|Previous Section||Index||Home Page|
Mr. Clegg: To ask the Secretary of State for the Home Department what procedures there are for adding military convictions which occur (a) in the UK and (b) overseas to the police national computer. 
John Reid [holding answer 16 January 2007]: Military convictions for recordable offences, regardless of whether they occur in the UK or overseas, are input through direct access to the police national computer (PNC) by the Central Criminal Records and Intelligence Office of the Service Police Crime Bureau.
To ask the Secretary of State for the Home Department whether his plans to offset the costs of the National Identity Register with fee revenue
include (a) fees for biometric immigration documents, (b) fees for applications for an identity card, (c) accreditation fees paid by organisations wishing to verify identities via the National Identity Register and (d) fees paid by accredited organisations to verify individual identities. 
John Reid: It is intended that the cost of the National Identity Scheme, which includes the National Identity Register, will be primarily funded by fee revenue from the products and services that arise from the scheme, such as those from the applications to be entered in the register when obtaining a designated document, those from the issue of identity cards or those from the provision of identity checking services.
Mr. Clegg: To ask the Secretary of State for the Home Department whether he has made an initial estimate of the charges that will be made to organisations accredited for the national identity register for (a) accreditation and (b) individual identity checks. 
John Reid: A schedule of fees for the national identity scheme cannot be finalised until contracts with suppliers connected to the operation of the scheme are signed. However, secondary legislation must be brought before Parliament to determine a schedule of fees in advance of the launch of the national identity scheme.
Mr. Clegg: To ask the Secretary of State for the Home Department what estimate he has made of the likely annual number of identity checks that will be carried out for accredited organisations (a) once the National Identity Register is operational and (b) once entry onto the National Identity Register is compulsory. 
John Reid: Until further detailed work with potential user organisations during the preparation and initial rollout of the National Identity Card Scheme are complete, it is not possible to provide a total number of likely verification transactions that will be used by public and private sector organisations in the first years of the scheme.
To ask the Secretary of State for the Home Department how many UK nationals had police files opened on them in England and Wales without
criminal proceedings being instigated against them in 2005-06.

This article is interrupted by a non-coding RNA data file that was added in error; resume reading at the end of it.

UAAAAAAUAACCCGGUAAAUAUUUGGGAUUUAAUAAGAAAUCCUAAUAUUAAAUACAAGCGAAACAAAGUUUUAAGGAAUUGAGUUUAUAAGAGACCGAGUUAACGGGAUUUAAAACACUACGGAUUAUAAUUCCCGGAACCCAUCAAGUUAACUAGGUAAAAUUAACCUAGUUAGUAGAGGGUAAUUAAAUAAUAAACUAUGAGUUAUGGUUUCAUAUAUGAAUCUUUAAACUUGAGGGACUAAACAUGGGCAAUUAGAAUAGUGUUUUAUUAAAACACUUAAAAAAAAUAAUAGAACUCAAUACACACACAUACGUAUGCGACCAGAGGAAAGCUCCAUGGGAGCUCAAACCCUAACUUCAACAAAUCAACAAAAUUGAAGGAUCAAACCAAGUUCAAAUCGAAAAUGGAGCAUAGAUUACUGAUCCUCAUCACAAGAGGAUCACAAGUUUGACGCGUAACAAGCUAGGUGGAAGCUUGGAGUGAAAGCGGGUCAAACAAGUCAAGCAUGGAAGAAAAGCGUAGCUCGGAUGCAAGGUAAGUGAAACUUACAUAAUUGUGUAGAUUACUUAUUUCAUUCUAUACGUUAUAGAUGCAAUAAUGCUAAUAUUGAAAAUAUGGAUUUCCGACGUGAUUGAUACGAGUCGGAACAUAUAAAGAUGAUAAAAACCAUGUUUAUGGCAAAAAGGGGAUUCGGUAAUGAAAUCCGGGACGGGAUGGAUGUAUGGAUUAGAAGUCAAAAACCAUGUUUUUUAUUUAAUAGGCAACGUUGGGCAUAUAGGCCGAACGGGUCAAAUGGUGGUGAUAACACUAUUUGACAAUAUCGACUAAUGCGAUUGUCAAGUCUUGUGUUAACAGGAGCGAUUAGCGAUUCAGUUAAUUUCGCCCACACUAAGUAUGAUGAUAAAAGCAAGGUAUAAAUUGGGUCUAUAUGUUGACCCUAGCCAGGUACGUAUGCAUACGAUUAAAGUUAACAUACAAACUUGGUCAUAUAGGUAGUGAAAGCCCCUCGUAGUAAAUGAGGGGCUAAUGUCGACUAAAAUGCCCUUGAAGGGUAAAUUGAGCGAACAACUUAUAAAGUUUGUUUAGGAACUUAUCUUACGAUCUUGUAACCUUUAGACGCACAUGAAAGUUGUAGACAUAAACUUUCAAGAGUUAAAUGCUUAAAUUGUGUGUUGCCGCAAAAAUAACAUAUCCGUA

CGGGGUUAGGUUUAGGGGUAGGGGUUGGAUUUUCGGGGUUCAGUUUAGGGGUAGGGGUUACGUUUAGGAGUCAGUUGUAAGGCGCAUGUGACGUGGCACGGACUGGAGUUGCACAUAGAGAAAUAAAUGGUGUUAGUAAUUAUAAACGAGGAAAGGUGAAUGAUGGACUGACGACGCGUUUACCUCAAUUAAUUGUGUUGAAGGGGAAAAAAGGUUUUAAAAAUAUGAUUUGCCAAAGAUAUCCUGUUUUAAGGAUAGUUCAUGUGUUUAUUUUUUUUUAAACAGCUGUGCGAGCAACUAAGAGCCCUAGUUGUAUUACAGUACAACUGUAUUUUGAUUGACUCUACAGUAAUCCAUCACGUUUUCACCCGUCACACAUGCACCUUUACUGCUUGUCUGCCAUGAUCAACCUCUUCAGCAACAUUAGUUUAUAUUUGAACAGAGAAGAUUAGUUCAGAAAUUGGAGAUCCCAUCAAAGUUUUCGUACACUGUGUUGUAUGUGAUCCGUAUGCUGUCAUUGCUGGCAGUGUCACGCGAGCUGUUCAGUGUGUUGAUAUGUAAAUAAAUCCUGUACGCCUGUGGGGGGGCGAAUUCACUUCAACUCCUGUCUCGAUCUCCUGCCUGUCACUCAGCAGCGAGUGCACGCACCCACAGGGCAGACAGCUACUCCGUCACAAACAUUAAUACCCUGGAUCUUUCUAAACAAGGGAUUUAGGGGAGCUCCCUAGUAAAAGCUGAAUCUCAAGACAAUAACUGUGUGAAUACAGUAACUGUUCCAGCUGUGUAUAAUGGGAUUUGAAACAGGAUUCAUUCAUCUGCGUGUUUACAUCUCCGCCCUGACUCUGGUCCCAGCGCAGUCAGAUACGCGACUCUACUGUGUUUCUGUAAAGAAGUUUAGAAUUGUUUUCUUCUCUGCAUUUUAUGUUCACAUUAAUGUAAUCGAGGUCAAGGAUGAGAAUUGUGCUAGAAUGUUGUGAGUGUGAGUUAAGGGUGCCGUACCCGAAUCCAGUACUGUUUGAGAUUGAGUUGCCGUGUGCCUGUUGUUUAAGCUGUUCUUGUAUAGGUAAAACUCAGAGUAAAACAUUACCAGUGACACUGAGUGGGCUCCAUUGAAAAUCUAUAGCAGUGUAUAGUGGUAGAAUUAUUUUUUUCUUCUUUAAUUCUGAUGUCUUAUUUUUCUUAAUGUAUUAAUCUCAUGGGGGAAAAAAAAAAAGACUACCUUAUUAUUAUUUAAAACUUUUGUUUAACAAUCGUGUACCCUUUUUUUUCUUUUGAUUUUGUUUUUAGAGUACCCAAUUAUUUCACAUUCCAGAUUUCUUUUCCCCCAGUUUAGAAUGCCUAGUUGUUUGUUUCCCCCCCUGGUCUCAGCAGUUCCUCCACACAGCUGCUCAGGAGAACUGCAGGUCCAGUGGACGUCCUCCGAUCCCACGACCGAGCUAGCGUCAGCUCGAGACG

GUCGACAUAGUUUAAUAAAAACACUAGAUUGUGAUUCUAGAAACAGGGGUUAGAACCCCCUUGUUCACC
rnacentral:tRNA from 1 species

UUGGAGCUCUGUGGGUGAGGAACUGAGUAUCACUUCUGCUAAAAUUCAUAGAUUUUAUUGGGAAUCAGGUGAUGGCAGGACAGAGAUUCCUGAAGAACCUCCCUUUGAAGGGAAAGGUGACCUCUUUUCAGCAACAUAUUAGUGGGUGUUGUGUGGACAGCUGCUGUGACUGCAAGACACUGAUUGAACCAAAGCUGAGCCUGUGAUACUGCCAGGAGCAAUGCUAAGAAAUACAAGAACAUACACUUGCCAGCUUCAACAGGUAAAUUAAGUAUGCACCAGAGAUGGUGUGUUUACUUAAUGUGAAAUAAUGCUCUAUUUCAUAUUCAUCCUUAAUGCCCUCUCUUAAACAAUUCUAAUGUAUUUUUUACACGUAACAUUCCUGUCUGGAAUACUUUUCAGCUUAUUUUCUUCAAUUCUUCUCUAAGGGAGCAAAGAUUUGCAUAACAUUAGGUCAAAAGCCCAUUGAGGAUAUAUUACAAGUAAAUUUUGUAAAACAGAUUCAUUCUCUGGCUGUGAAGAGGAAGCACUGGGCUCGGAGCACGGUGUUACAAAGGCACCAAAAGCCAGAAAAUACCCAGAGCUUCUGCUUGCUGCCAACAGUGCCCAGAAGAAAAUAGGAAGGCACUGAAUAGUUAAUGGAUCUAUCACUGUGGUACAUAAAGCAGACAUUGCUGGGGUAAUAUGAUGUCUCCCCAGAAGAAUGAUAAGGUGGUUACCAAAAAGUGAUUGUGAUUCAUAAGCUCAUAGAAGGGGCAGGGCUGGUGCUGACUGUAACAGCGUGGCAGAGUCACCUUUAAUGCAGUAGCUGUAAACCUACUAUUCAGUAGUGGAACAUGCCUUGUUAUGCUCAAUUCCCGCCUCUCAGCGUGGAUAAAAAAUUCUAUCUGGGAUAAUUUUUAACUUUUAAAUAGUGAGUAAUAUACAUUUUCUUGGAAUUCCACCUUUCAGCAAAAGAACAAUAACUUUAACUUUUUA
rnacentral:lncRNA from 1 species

Mr. McNulty: The information requested is not collected centrally. Each police force maintains local records which may be opened for a wide variety of reasons relating, for example, to individuals as witnesses, victims or suspects of crime. Individuals may also come to the attention of the police as missing persons. In addition records on an individual may be held by more than one force.
Bob Russell: To ask the Secretary of State for the Home Department whether members of the (a) Royal Military Police and (b) Ministry of Defence police have access to the National Police Computer in respect of (i) military personnel, (ii) family members of military personnel and (iii) civilians. 
The Police National Computer does not immediately identify individual nominal records as being military personnel, family members of military personnel or civilians. At face value all of those persons with a record on PNC would be regarded as civilians.
While it is possible for an individuals employment to be recorded as being a member of the armed forces, it is only possible to see those details by delving deeper into a specific record, once that record has been selected by name.
It is possible to make a general inquiry of the Police National Computer to identify all of the records where armed forces is shown in the employment field. However, this would return a list of names and very few operators have that level of search capability.
Mr. Jeremy Browne: To ask the Secretary of State for the Home Department how many people classified as being from an ethnic minority were recruited for the post of (a) police officer, (b) police community support officer and (c) special constable by police in each of the last five years; and what percentage of the police work force this represented in each case. 
|Police community support officer minority ethnic recruits( 1) to police forces from 2002-03 to 2005-06( 2) (FTE)( 3) and recruits as percentage of total strength|
|Minority ethnic recruits||Total strength||Minority ethnic recruit (percentage)||Minority ethnic recruits||Total strength||Minority ethnic recruit (percentage)|
|Next Section||Index||Home Page|